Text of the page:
The Challenges of Coping with Intellectual Property Regime Implementation: Observations on Canada and Vietnam
Intellectual Property Journal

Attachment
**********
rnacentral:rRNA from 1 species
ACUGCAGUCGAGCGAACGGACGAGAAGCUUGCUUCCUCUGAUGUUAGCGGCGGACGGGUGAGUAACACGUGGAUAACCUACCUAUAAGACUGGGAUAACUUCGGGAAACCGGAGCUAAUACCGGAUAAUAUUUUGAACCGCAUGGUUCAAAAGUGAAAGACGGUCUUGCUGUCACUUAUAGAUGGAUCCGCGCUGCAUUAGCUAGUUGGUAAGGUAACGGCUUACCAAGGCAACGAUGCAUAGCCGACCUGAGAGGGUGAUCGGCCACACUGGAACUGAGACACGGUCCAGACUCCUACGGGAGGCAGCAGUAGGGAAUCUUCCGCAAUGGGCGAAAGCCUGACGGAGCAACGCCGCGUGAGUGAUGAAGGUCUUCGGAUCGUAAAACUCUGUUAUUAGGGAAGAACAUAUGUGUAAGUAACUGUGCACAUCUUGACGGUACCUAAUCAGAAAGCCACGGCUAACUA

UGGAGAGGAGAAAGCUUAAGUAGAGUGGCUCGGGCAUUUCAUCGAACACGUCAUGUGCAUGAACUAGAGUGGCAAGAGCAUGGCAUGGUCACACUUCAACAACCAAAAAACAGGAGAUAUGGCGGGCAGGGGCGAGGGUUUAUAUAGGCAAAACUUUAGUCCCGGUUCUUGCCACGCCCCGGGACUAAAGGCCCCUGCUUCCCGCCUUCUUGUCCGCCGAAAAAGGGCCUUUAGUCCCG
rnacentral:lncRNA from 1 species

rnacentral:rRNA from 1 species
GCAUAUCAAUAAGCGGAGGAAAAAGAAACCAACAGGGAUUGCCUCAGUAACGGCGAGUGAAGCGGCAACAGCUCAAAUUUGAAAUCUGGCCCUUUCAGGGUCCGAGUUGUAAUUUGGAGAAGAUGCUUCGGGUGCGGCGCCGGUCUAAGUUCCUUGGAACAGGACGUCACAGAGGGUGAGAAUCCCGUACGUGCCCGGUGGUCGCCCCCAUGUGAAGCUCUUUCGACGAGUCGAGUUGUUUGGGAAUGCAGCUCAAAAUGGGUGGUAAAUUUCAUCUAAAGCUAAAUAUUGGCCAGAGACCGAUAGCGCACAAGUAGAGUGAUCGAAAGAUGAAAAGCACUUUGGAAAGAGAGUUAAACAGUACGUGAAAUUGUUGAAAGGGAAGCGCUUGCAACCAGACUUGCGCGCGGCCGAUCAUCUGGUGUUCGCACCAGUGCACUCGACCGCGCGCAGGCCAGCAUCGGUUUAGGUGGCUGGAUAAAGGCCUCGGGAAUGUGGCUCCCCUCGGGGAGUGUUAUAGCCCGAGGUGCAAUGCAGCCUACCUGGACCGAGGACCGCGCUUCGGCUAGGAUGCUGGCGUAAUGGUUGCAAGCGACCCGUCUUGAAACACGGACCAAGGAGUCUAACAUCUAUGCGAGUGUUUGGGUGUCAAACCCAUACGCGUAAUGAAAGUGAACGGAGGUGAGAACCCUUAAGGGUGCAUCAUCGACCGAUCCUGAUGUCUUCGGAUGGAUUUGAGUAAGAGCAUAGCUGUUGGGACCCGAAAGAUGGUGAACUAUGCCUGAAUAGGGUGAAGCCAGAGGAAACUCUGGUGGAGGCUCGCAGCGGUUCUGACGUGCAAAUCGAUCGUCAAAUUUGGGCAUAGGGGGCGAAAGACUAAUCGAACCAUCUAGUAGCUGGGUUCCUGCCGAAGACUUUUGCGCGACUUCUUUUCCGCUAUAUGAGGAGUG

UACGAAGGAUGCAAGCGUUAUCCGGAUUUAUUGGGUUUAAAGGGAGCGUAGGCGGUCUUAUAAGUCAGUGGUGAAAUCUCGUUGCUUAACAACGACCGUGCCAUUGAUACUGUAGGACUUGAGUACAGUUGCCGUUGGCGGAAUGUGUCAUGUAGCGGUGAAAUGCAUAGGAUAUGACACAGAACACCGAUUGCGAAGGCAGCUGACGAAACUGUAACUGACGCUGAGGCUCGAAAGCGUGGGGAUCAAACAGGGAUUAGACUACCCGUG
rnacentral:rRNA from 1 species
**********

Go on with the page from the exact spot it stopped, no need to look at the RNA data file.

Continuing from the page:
On November 20, 1989, the General Assembly of the United Nations adopted the Convention on the Rights ofthe Child [hereinafter 'the Convention']. It was ratified by the requisite 20 nations and came into force within one year, in September 1990. Indeed, as Lawrence J. LeBlanc notes 'The rapid and widespread acceptance of the Convention on the Rights of Child is impressive and remarkable. No other specialized United Nations human rights convention has been accepted so quickly and with such apparent enthusiasm.'[FN2] Canada was part of this enthusiasm, signing the Convention on May 28, 1990 and ratifying it on December 13, 1991. An area of the Convention that has been seldom discussed is its provision of information rights for children. One traditional institution providing information and entertainment to children is the public library. This article will examine the environment within which Canada's public librarians serve children and ask whether current practices in Canadian public libraries support Canada's obligations to children under the Convention or whether the practices of librarians in Canada's public libraries actually undermine Canada's efforts to adhere to the Convention. The article discusses the challenge of reconciling children's information rights in Canada under the Canadian Charter of Rights and Freedoms with those set forth in the Convention. The article then considers whether those practices of Canada's librarians that appear to undermine Canada's efforts to implement the provisions of the Convention are so deeply ingrained that statutory action is required to alter them.